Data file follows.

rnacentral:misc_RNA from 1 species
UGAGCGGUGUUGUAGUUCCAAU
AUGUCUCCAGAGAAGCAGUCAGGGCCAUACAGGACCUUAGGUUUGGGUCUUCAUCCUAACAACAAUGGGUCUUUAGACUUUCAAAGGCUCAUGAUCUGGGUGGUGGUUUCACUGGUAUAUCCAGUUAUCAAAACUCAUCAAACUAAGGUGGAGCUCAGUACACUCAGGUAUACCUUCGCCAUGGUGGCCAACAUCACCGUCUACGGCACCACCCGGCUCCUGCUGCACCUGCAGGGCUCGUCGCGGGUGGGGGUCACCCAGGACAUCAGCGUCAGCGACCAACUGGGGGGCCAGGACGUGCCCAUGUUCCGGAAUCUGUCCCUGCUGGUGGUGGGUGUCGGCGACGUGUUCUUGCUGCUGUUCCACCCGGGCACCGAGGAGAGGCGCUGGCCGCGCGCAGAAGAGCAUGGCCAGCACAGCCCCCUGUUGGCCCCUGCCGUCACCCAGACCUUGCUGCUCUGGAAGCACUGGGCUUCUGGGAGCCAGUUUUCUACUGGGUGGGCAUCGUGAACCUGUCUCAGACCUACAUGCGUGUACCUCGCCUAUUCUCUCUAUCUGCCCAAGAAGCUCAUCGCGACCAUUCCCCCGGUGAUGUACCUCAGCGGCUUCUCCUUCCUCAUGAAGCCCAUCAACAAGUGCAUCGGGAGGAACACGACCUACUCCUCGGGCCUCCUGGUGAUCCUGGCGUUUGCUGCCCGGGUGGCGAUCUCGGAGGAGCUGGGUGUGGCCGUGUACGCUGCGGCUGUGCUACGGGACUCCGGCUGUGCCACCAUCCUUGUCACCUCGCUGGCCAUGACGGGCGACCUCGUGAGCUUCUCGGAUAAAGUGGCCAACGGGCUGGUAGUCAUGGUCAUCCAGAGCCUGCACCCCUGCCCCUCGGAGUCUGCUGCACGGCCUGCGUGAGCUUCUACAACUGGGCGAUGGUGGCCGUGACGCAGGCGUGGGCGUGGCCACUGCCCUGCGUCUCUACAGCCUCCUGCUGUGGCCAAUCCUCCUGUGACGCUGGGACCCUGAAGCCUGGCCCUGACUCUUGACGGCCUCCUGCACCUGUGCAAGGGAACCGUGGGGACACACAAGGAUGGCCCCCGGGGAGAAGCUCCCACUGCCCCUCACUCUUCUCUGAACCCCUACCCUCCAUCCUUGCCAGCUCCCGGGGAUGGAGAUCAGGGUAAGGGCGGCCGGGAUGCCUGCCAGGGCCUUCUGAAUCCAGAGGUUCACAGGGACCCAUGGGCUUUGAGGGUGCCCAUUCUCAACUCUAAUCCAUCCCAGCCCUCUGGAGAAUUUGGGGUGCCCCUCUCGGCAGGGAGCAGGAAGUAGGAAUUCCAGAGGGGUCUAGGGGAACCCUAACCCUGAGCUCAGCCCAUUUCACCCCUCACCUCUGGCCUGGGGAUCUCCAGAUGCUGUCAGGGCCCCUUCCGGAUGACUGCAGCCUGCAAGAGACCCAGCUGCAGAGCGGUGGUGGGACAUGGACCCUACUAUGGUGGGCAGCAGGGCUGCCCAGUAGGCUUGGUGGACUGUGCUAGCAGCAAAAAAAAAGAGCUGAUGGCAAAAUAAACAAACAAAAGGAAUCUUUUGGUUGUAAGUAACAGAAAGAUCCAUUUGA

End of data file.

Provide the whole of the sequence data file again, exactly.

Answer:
rnacentral:misc_RNA from 1 species
UGAGCGGUGUUGUAGUUCCAAU
AUGUCUCCAGAGAAGCAGUCAGGGCCAUACAGGACCUUAGGUUUGGGUCUUCAUCCUAACAACAAUGGGUCUUUAGACUUUCAAAGGCUCAUGAUCUGGGUGGUGGUUUCACUGGUAUAUCCAGUUAUCAAAACUCAUCAAACUAAGGUGGAGCUCAGUACACUCAGGUAUACCUUCGCCAUGGUGGCCAACAUCACCGUCUACGGCACCACCCGGCUCCUGCUGCACCUGCAGGGCUCGUCGCGGGUGGGGGUCACCCAGGACAUCAGCGUCAGCGACCAACUGGGGGGCCAGGACGUGCCCAUGUUCCGGAAUCUGUCCCUGCUGGUGGUGGGUGUCGGCGACGUGUUCUUGCUGCUGUUCCACCCGGGCACCGAGGAGAGGCGCUGGCCGCGCGCAGAAGAGCAUGGCCAGCACAGCCCCCUGUUGGCCCCUGCCGUCACCCAGACCUUGCUGCUCUGGAAGCACUGGGCUUCUGGGAGCCAGUUUUCUACUGGGUGGGCAUCGUGAACCUGUCUCAGACCUACAUGCGUGUACCUCGCCUAUUCUCUCUAUCUGCCCAAGAAGCUCAUCGCGACCAUUCCCCCGGUGAUGUACCUCAGCGGCUUCUCCUUCCUCAUGAAGCCCAUCAACAAGUGCAUCGGGAGGAACACGACCUACUCCUCGGGCCUCCUGGUGAUCCUGGCGUUUGCUGCCCGGGUGGCGAUCUCGGAGGAGCUGGGUGUGGCCGUGUACGCUGCGGCUGUGCUACGGGACUCCGGCUGUGCCACCAUCCUUGUCACCUCGCUGGCCAUGACGGGCGACCUCGUGAGCUUCUCGGAUAAAGUGGCCAACGGGCUGGUAGUCAUGGUCAUCCAGAGCCUGCACCCCUGCCCCUCGGAGUCUGCUGCACGGCCUGCGUGAGCUUCUACAACUGGGCGAUGGUGGCCGUGACGCAGGCGUGGGCGUGGCCACUGCCCUGCGUCUCUACAGCCUCCUGCUGUGGCCAAUCCUCCUGUGACGCUGGGACCCUGAAGCCUGGCCCUGACUCUUGACGGCCUCCUGCACCUGUGCAAGGGAACCGUGGGGACACACAAGGAUGGCCCCCGGGGAGAAGCUCCCACUGCCCCUCACUCUUCUCUGAACCCCUACCCUCCAUCCUUGCCAGCUCCCGGGGAUGGAGAUCAGGGUAAGGGCGGCCGGGAUGCCUGCCAGGGCCUUCUGAAUCCAGAGGUUCACAGGGACCCAUGGGCUUUGAGGGUGCCCAUUCUCAACUCUAAUCCAUCCCAGCCCUCUGGAGAAUUUGGGGUGCCCCUCUCGGCAGGGAGCAGGAAGUAGGAAUUCCAGAGGGGUCUAGGGGAACCCUAACCCUGAGCUCAGCCCAUUUCACCCCUCACCUCUGGCCUGGGGAUCUCCAGAUGCUGUCAGGGCCCCUUCCGGAUGACUGCAGCCUGCAAGAGACCCAGCUGCAGAGCGGUGGUGGGACAUGGACCCUACUAUGGUGGGCAGCAGGGCUGCCCAGUAGGCUUGGUGGACUGUGCUAGCAGCAAAAAAAAAGAGCUGAUGGCAAAAUAAACAAACAAAAGGAAUCUUUUGGUUGUAAGUAACAGAAAGAUCCAUUUGA